Users often ask us for advice on the type of machine they should use to better meet particular purposes. For example, applications from the Silverstack product family get primarily used for the purpose of facilitating fast and secure camera offloads. Hence, DITs are often looking for and aiming to work with a machine that is especially powerful in terms of copying files.
However, it’s impossible to make a universally valid recommendation as a range of factors need to be considered in that decision. What we can do, though, is provide you with all the essential information you need to make a smart choice yourself. And that’s exactly what we’re going to do in this article!
One by one, we will look at the main components of a computer (CPU, GPU, RAM) and evaluate their respective roles within the copy process. Thus, we’ll reach a comprehensive overview – just like we did in a previous article that examined which processing power you should boost to improve transcoding speed.
We’ll also cover a few additional factors to consider and conclude with a clear ranking that highlights which of the discussed components plays the main role in the copy process.
After reading this post, you should have a better idea about which component to spend money on when selecting a good machine for a fast copy performance.
About the Copy Process in General
Before thinking about how to improve copy performance, let’s take a quick look at the process in general. Basically, copying a file means creating an identical duplicate, usually in another location. To make sure the duplicate file is identical to the source, a unique file hash is used.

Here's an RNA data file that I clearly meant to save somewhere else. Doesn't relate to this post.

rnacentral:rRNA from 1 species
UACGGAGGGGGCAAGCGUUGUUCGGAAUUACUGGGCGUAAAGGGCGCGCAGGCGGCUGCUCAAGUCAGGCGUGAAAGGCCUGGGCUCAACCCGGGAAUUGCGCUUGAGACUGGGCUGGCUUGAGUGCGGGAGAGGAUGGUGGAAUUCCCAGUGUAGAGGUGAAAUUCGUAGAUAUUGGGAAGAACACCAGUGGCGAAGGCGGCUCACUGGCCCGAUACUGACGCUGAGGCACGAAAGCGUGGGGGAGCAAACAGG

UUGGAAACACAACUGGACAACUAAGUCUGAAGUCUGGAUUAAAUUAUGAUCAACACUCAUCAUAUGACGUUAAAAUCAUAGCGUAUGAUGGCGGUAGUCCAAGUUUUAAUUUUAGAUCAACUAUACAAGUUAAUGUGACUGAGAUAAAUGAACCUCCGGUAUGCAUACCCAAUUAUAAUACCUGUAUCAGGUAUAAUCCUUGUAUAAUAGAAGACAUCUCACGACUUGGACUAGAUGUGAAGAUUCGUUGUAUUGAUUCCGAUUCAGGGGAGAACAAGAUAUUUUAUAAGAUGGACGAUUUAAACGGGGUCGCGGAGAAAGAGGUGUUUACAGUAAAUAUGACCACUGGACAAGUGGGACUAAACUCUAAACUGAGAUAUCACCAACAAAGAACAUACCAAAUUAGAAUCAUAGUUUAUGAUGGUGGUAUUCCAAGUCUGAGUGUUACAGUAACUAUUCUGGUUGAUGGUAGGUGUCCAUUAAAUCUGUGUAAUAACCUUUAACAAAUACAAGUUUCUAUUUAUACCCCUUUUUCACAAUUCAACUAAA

As we described in our post about source verification, the secure copy of a file involves the following steps:
First: A checksum is created while reading the source file. This checksum is stored.
Second: After the (hopefully identical) destination file is written, the destination file is read again, and its checksum (also called hash) is created.
Third: The two checksums are compared. If they are identical, you can be sure the files on source and destination are also identical.
The Roles of CPU, RAM, and GPU in the Copy Process
Now that we reminded ourselves of the steps involved, let’s look at three key components of a computer and their respective roles in that process.
- The role of the CPU in the copy process:
- The central processing unit is at the core of steering the processes of a computer. CPU resources are crucial for the copy process; however, the copy process itself does not require very heavy lifting: It’s rather the calculation of the hash (required for a secure copy of the files) that demands more CPU resources.
- Also, keep in mind that the required resources further depend on the type of hash algorithm that is used: For example, calculating an MD5 hash requires more CPU power and can even limit copy performance, while xxHash requires less CPU power and usually doesn’t limit the copy performance.
- The role of RAM in the copy process: